8.5 Geriatric Use

A total of 287 subjects in double-blind, parallel-group, placebo-controlled clinical trials who received eszopiclone were 65 to 86 years of age. The overall pattern of adverse events for elderly subjects (median age = 71 years) in 2-week studies with nighttime dosing of 2 mg eszopiclone was not different from that seen in younger adults [see Adverse Reactions: Table 2 (6)]. Eszopiclone 2 mg exhibited significant reduction in sleep latency and improvement in sleep maintenance in the elderly population. Compared with non-elderly adults, subjects 65 years and older had longer elimination and higher total exposure to eszopiclone. Therefore, dose reduction is recommended in the elderly patients [see Dosage and Administration (2.1), Clinical Pharmacology (12.3)].

8.6 Hepatic Impairment

No dose adjustment is necessary for patients with mild-to-moderate hepatic impairment. Exposure was increased in severely impaired patients compared with the healthy volunteers. The dose of eszopiclone should not exceed 2 mg in patients with severe hepatic impairment. Eszopiclone should be used with caution in patients with hepatic impairment [see Dosage and Administration (2.3), Clinical Pharmacology (12.3)].

9 DRUG ABUSE AND DEPENDENCE

9.1 Controlled Substance

Eszopiclone is a Schedule IV controlled substance under the Controlled Substances Act. Other substances under the same classification are benzodiazepines and the nonbenzodiazepine hypnotics zaleplon and zolpidem. While eszopiclone is a hypnotic agent with a chemical structure unrelated to benzodiazepines, it shares some of the pharmacologic properties of the benzodiazepines.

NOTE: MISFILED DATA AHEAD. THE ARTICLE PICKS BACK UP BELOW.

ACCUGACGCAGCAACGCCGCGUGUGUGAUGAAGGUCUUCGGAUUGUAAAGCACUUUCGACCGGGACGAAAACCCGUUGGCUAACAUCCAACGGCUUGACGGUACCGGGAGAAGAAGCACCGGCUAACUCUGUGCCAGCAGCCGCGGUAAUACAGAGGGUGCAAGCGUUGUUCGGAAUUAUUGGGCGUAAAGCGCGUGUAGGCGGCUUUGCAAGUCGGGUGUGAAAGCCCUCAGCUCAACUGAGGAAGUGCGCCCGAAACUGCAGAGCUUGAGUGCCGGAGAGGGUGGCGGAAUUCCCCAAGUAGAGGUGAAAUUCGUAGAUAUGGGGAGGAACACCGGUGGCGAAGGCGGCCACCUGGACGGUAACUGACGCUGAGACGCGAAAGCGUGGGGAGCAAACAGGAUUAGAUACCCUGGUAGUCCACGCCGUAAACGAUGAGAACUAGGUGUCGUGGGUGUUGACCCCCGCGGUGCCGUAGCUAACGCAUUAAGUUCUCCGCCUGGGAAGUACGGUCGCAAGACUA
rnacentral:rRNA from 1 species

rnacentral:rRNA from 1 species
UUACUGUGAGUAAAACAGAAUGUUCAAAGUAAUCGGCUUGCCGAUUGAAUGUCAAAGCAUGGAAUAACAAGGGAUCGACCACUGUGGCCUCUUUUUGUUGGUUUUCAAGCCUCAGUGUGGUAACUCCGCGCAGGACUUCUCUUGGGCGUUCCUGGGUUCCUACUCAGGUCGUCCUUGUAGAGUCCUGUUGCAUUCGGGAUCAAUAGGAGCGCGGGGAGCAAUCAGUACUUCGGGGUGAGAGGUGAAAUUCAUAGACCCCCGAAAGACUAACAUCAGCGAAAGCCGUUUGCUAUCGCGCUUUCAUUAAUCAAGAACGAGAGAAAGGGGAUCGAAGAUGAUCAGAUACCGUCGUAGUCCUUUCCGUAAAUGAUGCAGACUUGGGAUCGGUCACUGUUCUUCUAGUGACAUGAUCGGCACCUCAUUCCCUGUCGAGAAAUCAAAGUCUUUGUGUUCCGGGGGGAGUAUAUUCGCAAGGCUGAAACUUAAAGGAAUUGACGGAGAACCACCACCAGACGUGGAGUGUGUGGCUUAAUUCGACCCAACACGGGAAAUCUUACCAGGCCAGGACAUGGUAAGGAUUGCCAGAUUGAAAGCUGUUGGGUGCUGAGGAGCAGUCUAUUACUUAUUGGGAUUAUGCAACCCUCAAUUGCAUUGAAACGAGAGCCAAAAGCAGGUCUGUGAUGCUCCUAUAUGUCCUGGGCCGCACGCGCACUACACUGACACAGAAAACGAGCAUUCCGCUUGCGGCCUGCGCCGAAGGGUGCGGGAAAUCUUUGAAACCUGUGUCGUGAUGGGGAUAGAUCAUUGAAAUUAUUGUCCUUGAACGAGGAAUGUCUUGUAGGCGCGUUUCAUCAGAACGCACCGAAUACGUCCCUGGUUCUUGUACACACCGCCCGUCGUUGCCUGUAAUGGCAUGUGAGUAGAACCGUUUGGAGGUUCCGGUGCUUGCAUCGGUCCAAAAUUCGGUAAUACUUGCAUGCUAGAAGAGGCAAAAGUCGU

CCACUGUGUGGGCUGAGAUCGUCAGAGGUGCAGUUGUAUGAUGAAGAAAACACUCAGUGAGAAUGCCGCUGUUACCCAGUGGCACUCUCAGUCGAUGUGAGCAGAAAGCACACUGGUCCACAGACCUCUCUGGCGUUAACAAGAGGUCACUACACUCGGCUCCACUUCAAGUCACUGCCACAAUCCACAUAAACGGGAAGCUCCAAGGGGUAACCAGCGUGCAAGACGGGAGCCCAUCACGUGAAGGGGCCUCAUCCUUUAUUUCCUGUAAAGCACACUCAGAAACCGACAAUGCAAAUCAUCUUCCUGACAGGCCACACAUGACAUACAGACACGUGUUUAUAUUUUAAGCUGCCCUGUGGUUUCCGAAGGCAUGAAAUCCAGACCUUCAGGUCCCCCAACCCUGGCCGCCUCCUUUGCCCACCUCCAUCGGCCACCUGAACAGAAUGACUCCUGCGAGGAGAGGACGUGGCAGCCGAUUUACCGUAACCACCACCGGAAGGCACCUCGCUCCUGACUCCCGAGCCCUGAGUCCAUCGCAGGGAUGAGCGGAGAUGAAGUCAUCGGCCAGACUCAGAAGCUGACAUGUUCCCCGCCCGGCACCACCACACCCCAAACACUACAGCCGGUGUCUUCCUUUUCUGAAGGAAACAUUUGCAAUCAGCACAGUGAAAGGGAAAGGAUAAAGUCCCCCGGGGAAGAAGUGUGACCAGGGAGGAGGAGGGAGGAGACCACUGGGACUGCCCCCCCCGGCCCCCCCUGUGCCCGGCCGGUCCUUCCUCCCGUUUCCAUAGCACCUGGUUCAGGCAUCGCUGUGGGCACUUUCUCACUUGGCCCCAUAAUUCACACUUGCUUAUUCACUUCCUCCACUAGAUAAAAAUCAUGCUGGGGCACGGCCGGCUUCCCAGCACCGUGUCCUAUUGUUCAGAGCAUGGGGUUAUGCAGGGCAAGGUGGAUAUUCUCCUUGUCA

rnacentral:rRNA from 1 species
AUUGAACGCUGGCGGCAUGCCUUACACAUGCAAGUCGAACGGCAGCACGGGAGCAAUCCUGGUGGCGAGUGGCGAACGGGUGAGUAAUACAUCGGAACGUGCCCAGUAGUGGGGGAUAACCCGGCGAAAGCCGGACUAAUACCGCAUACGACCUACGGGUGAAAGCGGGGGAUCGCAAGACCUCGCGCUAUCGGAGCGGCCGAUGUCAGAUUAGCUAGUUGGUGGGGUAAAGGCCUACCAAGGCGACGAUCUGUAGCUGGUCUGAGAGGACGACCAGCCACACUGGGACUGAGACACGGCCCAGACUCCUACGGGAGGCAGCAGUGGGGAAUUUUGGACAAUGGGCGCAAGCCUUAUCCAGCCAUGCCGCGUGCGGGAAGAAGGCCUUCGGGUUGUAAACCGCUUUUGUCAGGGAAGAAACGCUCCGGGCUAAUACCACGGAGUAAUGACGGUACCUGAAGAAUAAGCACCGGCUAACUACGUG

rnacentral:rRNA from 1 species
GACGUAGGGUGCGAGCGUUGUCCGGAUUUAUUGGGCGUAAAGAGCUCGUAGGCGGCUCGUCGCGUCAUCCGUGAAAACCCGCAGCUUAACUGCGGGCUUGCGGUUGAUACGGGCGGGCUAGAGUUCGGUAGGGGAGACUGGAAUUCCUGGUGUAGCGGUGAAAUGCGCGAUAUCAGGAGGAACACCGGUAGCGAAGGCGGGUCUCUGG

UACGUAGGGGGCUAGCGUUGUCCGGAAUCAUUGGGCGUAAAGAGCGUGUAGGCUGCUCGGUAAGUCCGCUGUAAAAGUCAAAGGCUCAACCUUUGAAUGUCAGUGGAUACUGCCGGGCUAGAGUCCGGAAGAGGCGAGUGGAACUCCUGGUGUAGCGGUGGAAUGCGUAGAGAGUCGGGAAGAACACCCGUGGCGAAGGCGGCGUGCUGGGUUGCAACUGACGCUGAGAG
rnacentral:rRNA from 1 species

9.2 Abuse

Abuse and addiction are separate and distinct from physical dependence and tolerance. Abuse is characterized by misuse of the drug for non-medical purposes, often in combination with other psychoactive substances. Physical dependence is a state of adaptation that is manifested by a specific withdrawal syndrome that can be produced by abrupt cessation, rapid dose reduction, decreasing blood level of the drug and/or administration of an antagonist. Tolerance is a state of adaptation in which exposure to a drug induces changes that result in a diminution of one or more of the drug’s effects over time. Tolerance may occur to both the desired and undesired effects of drugs and may develop at different rates for different effects. Addiction is a primary, chronic, neurobiological disease with genetic, psychosocial, and environmental factors influencing its development and manifestations. It is characterized by behaviors that include one or more of the following: impaired control over drug use, compulsive use, continued use despite harm, and craving. Drug addiction is a treatable disease, utilizing a multidisciplinary approach, but relapse is common.

In a study of abuse liability conducted in individuals with known histories of benzodiazepine abuse, eszopiclone at doses of 6 and 12 mg produced euphoric effects similar to those of diazepam 20 mg. In this study, at doses 2-fold or greater than the maximum recommended doses, a dose-related increase in reports of amnesia and hallucinations was observed for both eszopiclone and diazepam.

9.3 Dependence

The clinical trial experience with eszopiclone revealed no evidence of a serious withdrawal syndrome. Nevertheless, the following adverse events included in DSM-IV criteria for uncomplicated sedative/hypnotic withdrawal were reported during clinical trials following placebo substitution occurring within 48 hours following the last eszopiclone treatment: anxiety, abnormal dreams, nausea, and upset stomach. These reported adverse events occurred at an incidence of 2% or less. Use of benzodiazepines and similar agents may lead to physical and psychological dependence. The risk of abuse and dependence increases with the dose and duration of treatment and concomitant use of other psychoactive drugs. The risk is also greater for patients who have a history of alcohol or drug abuse or history of psychiatric disorders. These patients should be under careful surveillance when receiving eszopiclone or any other hypnotic.